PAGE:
upland bird hunter in orange vest walking in field
We give our best guess as to where the flushed bird landed, but often find ourselves short on the actual spot or caught behind a running bird. (Photo By: Chris Ingram)

The concept of follow up flushes are also important to consider when hunting covey birds. Busting up the flock and pushing singles farther away from the covey can impact their ability to regroup and can begin to hinder their chance at survival. Even pushing solitary birds like ruffed grouse drives them farther away from safety and leaves them more susceptible to predation and other dangers.

For me, my magic number is two. If I wasn’t able to get a shot off on the first go, it’s likely I’ll be moving in for a second chance. Or if it’s not going to disrupt from my course by too much, I will follow up on a bird. Typically, after two flushes I am being pulled off track and my frustration begins to rise after several spent shells and an empty vest. The choice is yours, but I’ll argue that you may be able to save the hunt and save your sanity by letting a few get away to live another day.


Best Laid Bird Plans

I’ll be the first to admit that I get pretty serious about bird hunting. Good dog work, fellowship, fresh air, and exercise aside, I am out to put some birds down and fill my belly after a hard day’s hunt. That being said, I can get a little emotional at times and get caught up in the moment. On several of my early hunts I would follow up on birds two, three, or even four times if I could, with nothing to show for it but a pile of empty hulls and a painful heartache of being outwitted by the birds. I’d find myself busting additional birds along the way—adding to frustration—and completely sidetracked from where I wanted to be going. These hunts quickly became a lost cause because my mood had shifted, and I was no longer hunting strategically.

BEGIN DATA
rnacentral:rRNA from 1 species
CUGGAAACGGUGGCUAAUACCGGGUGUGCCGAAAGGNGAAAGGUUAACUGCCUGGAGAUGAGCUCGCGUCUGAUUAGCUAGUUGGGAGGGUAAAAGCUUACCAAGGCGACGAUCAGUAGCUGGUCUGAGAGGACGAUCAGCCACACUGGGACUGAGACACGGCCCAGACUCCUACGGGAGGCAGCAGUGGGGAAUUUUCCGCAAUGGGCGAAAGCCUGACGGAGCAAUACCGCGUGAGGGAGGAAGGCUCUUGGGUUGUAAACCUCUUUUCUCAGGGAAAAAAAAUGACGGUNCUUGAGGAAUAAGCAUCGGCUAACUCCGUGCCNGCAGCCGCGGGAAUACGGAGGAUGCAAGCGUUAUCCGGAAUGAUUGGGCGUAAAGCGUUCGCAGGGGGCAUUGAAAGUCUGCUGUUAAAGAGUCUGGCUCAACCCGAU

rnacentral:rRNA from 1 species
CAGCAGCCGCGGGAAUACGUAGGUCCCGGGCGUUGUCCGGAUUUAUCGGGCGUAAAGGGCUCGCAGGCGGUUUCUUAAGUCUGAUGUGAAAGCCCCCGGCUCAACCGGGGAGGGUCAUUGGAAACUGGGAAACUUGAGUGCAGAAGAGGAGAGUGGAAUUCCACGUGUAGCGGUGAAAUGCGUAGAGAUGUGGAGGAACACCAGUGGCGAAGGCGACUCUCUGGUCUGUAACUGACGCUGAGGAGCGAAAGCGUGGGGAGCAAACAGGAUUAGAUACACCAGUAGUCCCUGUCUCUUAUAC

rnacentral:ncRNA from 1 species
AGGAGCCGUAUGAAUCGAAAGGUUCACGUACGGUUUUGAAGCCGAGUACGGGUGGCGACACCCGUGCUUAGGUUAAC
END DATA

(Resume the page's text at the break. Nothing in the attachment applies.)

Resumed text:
upland bird hunter shooting at a ring-necked pheasant rooster
Frustration may start to take root after multiple reflushes and misses. (Photo By: Chris Ingram)

If you’re not careful, following up for reflushes can detour you from your original plans. Have you thought about how many times you’ll reflush or how far you’re willing to go to kill one bird? If you started out to play the wind and put your dog in optimal conditions to pin down birds, how will calling audibles affect their performance? Or if you intended to hit specific hotspots, how will one or more deviations affect the time and path to get there? How many times will you push this one bird—and yourself and your dog—to the point of exhaustion? Unless you are a complete stoic and unfazed by subsequent misses, you might be best off to let this be the one that got away and prevent your mood from going south.

Because each and every one of us and the situations we find ourselves in are always different, there will never be a simple solution and no handbook on how to handle these second chance searches. Having a game plan in place will give you and your hunting partners something to fall back on when the emotions try to override the objectives. We all hunt in different situations and have individual expectations, but if you’ve ever found yourself lost in a flurry of follow ups and floundering in frustration, integrating a strategy for how to rationalize reflushes can help to keep you on track and stay focused during your hunt.